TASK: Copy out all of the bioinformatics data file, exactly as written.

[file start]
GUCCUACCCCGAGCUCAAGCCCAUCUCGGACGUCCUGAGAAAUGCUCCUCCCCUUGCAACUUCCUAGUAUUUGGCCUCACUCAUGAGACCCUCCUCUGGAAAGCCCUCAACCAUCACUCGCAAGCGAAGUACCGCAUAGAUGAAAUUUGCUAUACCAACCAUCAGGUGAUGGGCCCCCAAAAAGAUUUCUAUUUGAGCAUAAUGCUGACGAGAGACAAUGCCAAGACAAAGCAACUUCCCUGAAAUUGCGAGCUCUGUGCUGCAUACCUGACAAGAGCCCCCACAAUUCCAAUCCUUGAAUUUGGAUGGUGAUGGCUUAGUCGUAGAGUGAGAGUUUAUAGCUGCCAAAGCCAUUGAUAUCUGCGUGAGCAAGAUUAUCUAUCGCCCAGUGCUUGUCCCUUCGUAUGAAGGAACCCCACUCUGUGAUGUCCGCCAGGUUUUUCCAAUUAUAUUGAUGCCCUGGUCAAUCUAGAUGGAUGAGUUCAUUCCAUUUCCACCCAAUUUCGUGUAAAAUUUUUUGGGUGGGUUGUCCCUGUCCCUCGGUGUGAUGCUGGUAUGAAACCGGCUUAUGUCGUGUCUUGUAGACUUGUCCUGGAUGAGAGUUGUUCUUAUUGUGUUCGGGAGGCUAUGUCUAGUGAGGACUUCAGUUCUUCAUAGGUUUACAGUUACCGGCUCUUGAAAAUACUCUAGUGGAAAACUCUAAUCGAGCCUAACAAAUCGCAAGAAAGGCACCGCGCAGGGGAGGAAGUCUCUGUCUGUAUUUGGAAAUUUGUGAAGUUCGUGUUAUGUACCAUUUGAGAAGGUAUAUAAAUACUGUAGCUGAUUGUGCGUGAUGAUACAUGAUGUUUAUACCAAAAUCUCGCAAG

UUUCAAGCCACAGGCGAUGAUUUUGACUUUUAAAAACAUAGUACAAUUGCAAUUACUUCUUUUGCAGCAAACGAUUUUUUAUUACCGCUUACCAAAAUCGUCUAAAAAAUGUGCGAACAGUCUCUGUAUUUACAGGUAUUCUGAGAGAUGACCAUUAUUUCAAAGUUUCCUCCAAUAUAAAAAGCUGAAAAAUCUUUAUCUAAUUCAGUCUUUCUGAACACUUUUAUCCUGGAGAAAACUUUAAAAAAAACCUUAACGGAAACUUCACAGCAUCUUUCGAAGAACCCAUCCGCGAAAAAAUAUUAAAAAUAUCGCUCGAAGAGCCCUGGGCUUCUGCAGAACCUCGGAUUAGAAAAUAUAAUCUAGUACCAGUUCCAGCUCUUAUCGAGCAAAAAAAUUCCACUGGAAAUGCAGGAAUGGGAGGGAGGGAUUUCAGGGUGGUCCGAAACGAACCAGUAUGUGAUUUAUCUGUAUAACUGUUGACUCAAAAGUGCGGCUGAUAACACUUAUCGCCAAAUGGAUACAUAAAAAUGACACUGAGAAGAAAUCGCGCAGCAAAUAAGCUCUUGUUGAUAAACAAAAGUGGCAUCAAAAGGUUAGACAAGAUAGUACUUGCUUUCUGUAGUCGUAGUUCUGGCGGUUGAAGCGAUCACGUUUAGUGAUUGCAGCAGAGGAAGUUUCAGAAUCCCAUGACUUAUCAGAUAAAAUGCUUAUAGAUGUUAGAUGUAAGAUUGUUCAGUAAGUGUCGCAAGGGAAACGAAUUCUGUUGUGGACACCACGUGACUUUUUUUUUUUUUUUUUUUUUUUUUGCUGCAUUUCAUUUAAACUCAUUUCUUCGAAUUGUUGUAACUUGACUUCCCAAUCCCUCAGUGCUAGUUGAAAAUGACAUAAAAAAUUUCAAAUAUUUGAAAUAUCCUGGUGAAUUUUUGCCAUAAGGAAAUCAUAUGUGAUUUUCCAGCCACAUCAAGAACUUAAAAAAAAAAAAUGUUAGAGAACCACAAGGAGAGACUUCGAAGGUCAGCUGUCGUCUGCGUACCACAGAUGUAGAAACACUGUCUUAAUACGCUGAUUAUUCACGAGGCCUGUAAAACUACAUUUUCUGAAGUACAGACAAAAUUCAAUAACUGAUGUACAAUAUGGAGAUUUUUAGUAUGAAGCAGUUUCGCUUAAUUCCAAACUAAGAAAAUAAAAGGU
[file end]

GUCCUACCCCGAGCUCAAGCCCAUCUCGGACGUCCUGAGAAAUGCUCCUCCCCUUGCAACUUCCUAGUAUUUGGCCUCACUCAUGAGACCCUCCUCUGGAAAGCCCUCAACCAUCACUCGCAAGCGAAGUACCGCAUAGAUGAAAUUUGCUAUACCAACCAUCAGGUGAUGGGCCCCCAAAAAGAUUUCUAUUUGAGCAUAAUGCUGACGAGAGACAAUGCCAAGACAAAGCAACUUCCCUGAAAUUGCGAGCUCUGUGCUGCAUACCUGACAAGAGCCCCCACAAUUCCAAUCCUUGAAUUUGGAUGGUGAUGGCUUAGUCGUAGAGUGAGAGUUUAUAGCUGCCAAAGCCAUUGAUAUCUGCGUGAGCAAGAUUAUCUAUCGCCCAGUGCUUGUCCCUUCGUAUGAAGGAACCCCACUCUGUGAUGUCCGCCAGGUUUUUCCAAUUAUAUUGAUGCCCUGGUCAAUCUAGAUGGAUGAGUUCAUUCCAUUUCCACCCAAUUUCGUGUAAAAUUUUUUGGGUGGGUUGUCCCUGUCCCUCGGUGUGAUGCUGGUAUGAAACCGGCUUAUGUCGUGUCUUGUAGACUUGUCCUGGAUGAGAGUUGUUCUUAUUGUGUUCGGGAGGCUAUGUCUAGUGAGGACUUCAGUUCUUCAUAGGUUUACAGUUACCGGCUCUUGAAAAUACUCUAGUGGAAAACUCUAAUCGAGCCUAACAAAUCGCAAGAAAGGCACCGCGCAGGGGAGGAAGUCUCUGUCUGUAUUUGGAAAUUUGUGAAGUUCGUGUUAUGUACCAUUUGAGAAGGUAUAUAAAUACUGUAGCUGAUUGUGCGUGAUGAUACAUGAUGUUUAUACCAAAAUCUCGCAAG

UUUCAAGCCACAGGCGAUGAUUUUGACUUUUAAAAACAUAGUACAAUUGCAAUUACUUCUUUUGCAGCAAACGAUUUUUUAUUACCGCUUACCAAAAUCGUCUAAAAAAUGUGCGAACAGUCUCUGUAUUUACAGGUAUUCUGAGAGAUGACCAUUAUUUCAAAGUUUCCUCCAAUAUAAAAAGCUGAAAAAUCUUUAUCUAAUUCAGUCUUUCUGAACACUUUUAUCCUGGAGAAAACUUUAAAAAAAACCUUAACGGAAACUUCACAGCAUCUUUCGAAGAACCCAUCCGCGAAAAAAUAUUAAAAAUAUCGCUCGAAGAGCCCUGGGCUUCUGCAGAACCUCGGAUUAGAAAAUAUAAUCUAGUACCAGUUCCAGCUCUUAUCGAGCAAAAAAAUUCCACUGGAAAUGCAGGAAUGGGAGGGAGGGAUUUCAGGGUGGUCCGAAACGAACCAGUAUGUGAUUUAUCUGUAUAACUGUUGACUCAAAAGUGCGGCUGAUAACACUUAUCGCCAAAUGGAUACAUAAAAAUGACACUGAGAAGAAAUCGCGCAGCAAAUAAGCUCUUGUUGAUAAACAAAAGUGGCAUCAAAAGGUUAGACAAGAUAGUACUUGCUUUCUGUAGUCGUAGUUCUGGCGGUUGAAGCGAUCACGUUUAGUGAUUGCAGCAGAGGAAGUUUCAGAAUCCCAUGACUUAUCAGAUAAAAUGCUUAUAGAUGUUAGAUGUAAGAUUGUUCAGUAAGUGUCGCAAGGGAAACGAAUUCUGUUGUGGACACCACGUGACUUUUUUUUUUUUUUUUUUUUUUUUUGCUGCAUUUCAUUUAAACUCAUUUCUUCGAAUUGUUGUAACUUGACUUCCCAAUCCCUCAGUGCUAGUUGAAAAUGACAUAAAAAAUUUCAAAUAUUUGAAAUAUCCUGGUGAAUUUUUGCCAUAAGGAAAUCAUAUGUGAUUUUCCAGCCACAUCAAGAACUUAAAAAAAAAAAAUGUUAGAGAACCACAAGGAGAGACUUCGAAGGUCAGCUGUCGUCUGCGUACCACAGAUGUAGAAACACUGUCUUAAUACGCUGAUUAUUCACGAGGCCUGUAAAACUACAUUUUCUGAAGUACAGACAAAAUUCAAUAACUGAUGUACAAUAUGGAGAUUUUUAGUAUGAAGCAGUUUCGCUUAAUUCCAAACUAAGAAAAUAAAAGGU